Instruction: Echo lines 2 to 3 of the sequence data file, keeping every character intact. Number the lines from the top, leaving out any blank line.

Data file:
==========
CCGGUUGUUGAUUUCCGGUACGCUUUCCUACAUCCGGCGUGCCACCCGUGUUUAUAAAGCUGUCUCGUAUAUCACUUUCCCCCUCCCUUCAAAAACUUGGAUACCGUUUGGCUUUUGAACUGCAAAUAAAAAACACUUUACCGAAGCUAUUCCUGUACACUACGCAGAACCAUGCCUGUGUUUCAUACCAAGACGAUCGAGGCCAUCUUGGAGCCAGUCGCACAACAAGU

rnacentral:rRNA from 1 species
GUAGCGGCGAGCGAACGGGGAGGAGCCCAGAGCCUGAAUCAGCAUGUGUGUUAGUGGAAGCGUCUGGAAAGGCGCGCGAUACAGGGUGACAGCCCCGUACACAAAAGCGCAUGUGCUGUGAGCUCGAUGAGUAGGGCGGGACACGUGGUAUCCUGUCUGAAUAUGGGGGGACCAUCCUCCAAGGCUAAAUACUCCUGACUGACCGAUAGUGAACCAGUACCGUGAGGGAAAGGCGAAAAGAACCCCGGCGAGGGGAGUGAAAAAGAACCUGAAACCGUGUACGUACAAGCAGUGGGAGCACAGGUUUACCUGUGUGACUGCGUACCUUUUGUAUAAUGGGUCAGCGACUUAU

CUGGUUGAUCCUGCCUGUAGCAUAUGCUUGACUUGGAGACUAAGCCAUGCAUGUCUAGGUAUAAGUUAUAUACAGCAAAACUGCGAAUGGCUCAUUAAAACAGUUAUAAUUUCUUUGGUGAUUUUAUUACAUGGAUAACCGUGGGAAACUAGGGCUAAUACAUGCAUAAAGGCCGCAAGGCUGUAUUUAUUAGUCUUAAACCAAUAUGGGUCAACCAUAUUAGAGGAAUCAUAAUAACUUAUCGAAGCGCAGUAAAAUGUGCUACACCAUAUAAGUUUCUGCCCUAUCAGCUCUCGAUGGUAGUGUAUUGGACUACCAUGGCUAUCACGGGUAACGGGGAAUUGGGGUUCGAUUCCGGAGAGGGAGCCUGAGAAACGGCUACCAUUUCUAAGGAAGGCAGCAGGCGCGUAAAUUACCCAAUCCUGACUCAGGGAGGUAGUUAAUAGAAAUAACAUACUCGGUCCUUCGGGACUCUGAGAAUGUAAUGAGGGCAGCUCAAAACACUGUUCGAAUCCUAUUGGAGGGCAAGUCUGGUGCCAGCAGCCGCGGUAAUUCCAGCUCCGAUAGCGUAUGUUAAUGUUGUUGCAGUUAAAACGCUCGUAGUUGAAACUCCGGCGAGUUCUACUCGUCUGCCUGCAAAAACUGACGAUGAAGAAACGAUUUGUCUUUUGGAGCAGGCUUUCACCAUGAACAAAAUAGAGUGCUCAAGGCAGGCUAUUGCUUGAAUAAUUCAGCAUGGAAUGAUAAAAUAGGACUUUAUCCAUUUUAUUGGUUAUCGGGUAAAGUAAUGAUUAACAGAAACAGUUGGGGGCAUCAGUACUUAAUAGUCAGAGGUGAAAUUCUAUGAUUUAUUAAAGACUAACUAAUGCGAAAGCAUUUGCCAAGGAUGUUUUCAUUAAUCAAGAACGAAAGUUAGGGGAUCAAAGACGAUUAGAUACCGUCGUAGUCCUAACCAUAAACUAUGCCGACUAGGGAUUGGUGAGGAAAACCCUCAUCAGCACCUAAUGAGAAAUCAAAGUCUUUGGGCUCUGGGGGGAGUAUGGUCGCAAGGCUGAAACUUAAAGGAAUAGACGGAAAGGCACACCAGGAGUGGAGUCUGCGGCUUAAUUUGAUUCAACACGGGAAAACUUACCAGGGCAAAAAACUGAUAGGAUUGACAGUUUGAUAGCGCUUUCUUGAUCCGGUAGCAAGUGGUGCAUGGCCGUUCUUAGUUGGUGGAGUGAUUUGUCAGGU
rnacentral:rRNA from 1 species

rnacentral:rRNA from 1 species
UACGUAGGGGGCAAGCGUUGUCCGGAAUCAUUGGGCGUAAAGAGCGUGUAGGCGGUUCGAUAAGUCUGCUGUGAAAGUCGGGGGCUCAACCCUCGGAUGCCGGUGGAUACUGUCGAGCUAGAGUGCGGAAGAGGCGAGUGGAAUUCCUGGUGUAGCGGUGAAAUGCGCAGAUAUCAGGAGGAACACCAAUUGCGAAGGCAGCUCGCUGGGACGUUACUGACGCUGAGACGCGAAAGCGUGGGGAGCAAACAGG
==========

rnacentral:rRNA from 1 species
GUAGCGGCGAGCGAACGGGGAGGAGCCCAGAGCCUGAAUCAGCAUGUGUGUUAGUGGAAGCGUCUGGAAAGGCGCGCGAUACAGGGUGACAGCCCCGUACACAAAAGCGCAUGUGCUGUGAGCUCGAUGAGUAGGGCGGGACACGUGGUAUCCUGUCUGAAUAUGGGGGGACCAUCCUCCAAGGCUAAAUACUCCUGACUGACCGAUAGUGAACCAGUACCGUGAGGGAAAGGCGAAAAGAACCCCGGCGAGGGGAGUGAAAAAGAACCUGAAACCGUGUACGUACAAGCAGUGGGAGCACAGGUUUACCUGUGUGACUGCGUACCUUUUGUAUAAUGGGUCAGCGACUUAU